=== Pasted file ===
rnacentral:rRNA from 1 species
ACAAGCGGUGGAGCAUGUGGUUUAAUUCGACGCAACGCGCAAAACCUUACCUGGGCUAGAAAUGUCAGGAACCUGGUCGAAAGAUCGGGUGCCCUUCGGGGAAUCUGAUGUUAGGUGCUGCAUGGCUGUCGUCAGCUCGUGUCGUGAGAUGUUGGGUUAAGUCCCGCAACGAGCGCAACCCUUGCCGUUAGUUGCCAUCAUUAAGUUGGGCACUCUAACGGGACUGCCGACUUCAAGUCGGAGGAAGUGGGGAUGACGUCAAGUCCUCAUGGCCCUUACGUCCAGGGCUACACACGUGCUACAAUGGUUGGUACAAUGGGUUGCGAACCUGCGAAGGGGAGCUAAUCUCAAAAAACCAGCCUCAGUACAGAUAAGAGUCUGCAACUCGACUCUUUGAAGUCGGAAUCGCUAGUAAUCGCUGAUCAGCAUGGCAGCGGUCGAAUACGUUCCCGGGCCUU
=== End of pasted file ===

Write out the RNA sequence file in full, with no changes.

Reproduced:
rnacentral:rRNA from 1 species
ACAAGCGGUGGAGCAUGUGGUUUAAUUCGACGCAACGCGCAAAACCUUACCUGGGCUAGAAAUGUCAGGAACCUGGUCGAAAGAUCGGGUGCCCUUCGGGGAAUCUGAUGUUAGGUGCUGCAUGGCUGUCGUCAGCUCGUGUCGUGAGAUGUUGGGUUAAGUCCCGCAACGAGCGCAACCCUUGCCGUUAGUUGCCAUCAUUAAGUUGGGCACUCUAACGGGACUGCCGACUUCAAGUCGGAGGAAGUGGGGAUGACGUCAAGUCCUCAUGGCCCUUACGUCCAGGGCUACACACGUGCUACAAUGGUUGGUACAAUGGGUUGCGAACCUGCGAAGGGGAGCUAAUCUCAAAAAACCAGCCUCAGUACAGAUAAGAGUCUGCAACUCGACUCUUUGAAGUCGGAAUCGCUAGUAAUCGCUGAUCAGCAUGGCAGCGGUCGAAUACGUUCCCGGGCCUU